U.S. Official: Don’t Know Yet if Hijacker Was a Real Terrorist

“We’re still fleshing out the details,” he said, citing several reports that the passenger might have been drunk.

A plane comes in for a landing at Los Angeles International Airport (LAX) at dusk November 1, 2013. Earlier in the day a gunman opened fire with an assault rifle inside the airport, killing a security agent, creating scenes of chaos and causing widespread flight disruptions. 
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Michael Hirsh
Feb. 7, 2014, 9:27 a.m.

It is not yet clear wheth­er the pas­sen­ger who al­legedly tried to hi­jack a plane to So­chi, Rus­sia, on Fri­day was a ter­ror­ist or simply dis­turbed, a seni­or U.S. in­tel­li­gence of­fi­cial told Na­tion­al Journ­al.

“We’re still flesh­ing out the de­tails,”  he said, cit­ing sev­er­al re­ports that the pas­sen­ger might have been drunk.

Ac­cord­ing to news re­ports, a Pe­gas­us Air­lines plane landed at an Istan­bul air­port overnight after a pas­sen­ger “said that there was a bomb on board” and in­sisted that the plane go to So­chi, where the Olympic games are just get­ting star­ted.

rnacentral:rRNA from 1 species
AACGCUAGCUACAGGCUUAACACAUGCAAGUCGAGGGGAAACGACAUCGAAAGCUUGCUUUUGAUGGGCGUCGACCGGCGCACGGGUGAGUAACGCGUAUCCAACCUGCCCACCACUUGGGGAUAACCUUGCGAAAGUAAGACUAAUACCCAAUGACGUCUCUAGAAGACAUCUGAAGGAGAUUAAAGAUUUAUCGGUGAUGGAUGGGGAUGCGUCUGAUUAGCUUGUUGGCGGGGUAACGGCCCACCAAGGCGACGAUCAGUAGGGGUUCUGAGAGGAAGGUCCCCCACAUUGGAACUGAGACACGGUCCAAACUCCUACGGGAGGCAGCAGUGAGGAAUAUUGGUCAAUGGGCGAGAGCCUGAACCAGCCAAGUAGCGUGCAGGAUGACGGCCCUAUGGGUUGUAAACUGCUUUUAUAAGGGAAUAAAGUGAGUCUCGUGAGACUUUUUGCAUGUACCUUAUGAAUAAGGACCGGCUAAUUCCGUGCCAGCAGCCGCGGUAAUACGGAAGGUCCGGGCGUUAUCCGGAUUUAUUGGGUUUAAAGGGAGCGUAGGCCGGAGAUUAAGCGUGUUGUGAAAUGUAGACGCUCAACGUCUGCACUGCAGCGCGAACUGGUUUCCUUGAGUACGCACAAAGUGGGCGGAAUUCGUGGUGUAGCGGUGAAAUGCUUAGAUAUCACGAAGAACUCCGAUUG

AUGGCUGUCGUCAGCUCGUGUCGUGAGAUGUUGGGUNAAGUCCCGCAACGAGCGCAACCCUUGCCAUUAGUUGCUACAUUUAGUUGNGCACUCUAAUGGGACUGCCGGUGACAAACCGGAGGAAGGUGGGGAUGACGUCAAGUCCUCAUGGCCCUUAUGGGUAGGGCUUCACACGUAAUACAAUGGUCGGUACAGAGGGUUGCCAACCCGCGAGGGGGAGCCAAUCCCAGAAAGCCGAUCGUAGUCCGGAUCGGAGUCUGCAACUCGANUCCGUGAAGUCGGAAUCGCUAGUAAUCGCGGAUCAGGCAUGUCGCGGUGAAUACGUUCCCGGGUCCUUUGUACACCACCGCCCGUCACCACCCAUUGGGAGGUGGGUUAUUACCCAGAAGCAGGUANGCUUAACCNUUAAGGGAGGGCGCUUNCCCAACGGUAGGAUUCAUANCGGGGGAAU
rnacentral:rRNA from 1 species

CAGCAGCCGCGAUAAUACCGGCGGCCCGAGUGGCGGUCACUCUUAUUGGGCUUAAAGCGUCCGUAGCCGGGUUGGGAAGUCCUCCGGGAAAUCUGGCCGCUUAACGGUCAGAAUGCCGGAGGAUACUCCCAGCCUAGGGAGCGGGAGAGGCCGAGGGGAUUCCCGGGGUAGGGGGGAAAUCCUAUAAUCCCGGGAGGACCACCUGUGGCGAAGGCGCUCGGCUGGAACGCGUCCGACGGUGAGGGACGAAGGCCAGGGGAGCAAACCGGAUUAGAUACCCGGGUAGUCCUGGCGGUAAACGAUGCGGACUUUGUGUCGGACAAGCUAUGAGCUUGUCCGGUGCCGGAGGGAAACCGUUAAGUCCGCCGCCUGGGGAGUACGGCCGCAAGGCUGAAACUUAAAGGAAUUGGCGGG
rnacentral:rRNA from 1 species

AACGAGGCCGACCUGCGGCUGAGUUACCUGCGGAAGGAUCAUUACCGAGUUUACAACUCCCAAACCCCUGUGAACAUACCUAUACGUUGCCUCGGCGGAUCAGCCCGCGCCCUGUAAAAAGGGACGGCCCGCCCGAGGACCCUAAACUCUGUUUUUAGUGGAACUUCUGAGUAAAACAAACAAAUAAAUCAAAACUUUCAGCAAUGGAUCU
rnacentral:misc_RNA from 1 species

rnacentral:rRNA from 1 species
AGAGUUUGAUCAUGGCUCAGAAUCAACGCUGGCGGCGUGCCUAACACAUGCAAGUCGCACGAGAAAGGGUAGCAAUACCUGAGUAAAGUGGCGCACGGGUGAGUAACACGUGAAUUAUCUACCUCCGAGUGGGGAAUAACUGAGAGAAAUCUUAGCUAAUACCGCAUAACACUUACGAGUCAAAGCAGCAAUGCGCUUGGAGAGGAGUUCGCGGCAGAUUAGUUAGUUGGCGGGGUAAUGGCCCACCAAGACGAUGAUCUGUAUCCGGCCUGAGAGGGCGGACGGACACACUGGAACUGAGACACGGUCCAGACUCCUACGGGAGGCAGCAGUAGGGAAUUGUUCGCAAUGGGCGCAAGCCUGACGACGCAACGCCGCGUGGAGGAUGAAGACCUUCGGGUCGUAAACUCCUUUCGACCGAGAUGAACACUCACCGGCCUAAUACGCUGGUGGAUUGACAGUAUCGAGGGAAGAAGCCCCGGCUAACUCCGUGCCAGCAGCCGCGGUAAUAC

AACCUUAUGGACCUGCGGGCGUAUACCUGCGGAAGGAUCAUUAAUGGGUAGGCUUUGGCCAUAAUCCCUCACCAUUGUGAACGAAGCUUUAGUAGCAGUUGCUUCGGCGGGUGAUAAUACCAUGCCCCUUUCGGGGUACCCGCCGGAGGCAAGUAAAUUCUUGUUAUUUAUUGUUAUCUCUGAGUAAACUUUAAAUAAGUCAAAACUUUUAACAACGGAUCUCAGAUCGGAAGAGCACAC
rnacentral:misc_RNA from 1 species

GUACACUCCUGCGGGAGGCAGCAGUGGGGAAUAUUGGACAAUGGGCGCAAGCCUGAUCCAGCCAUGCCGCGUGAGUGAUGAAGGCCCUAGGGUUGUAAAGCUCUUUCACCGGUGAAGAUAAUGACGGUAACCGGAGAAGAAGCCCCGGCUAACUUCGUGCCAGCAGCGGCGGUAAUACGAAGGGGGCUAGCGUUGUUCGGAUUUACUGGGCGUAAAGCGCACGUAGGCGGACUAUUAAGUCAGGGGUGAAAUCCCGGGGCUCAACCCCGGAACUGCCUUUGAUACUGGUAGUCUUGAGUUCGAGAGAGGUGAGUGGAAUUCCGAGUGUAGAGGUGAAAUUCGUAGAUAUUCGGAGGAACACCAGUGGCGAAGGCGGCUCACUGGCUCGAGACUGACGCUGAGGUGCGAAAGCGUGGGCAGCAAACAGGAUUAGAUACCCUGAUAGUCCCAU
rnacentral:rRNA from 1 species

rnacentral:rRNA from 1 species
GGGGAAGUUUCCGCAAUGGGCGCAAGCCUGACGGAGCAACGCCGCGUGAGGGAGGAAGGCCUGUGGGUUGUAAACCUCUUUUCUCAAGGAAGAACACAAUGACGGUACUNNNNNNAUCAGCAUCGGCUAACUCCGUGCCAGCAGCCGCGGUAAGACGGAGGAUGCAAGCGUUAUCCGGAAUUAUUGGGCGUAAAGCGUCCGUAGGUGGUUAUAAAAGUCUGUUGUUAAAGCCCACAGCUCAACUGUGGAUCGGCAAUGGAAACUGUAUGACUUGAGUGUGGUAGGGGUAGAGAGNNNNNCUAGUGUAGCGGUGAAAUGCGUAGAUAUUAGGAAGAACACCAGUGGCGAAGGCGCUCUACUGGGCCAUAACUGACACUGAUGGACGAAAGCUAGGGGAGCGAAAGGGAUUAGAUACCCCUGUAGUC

CNN re­por­ted that Turk­ish Trans­port­a­tion Min­istry of­fi­cial Habip Soluk said that “while the plane was in the air, one of the pas­sen­gers said that there was a bomb on board and asked the plane to not land in Sabiha Gok­cen (in Tur­key) but rather to land in So­chi.”

In con­gres­sion­al testi­mony this week, Mat­thew Olsen, the dir­ect­or of the Na­tion­al Counter-Ter­ror­ism Cen­ter, said the United States and Rus­sia were work­ing to­geth­er on So­chi-re­lated threat traffic. “We are shar­ing in­form­a­tion with the Rus­si­ans. They are shar­ing in­form­a­tion with us,” he said. “There’s al­ways more we could do in that re­gard, but as of right now, I would char­ac­ter­ize that level of shar­ing as good.”


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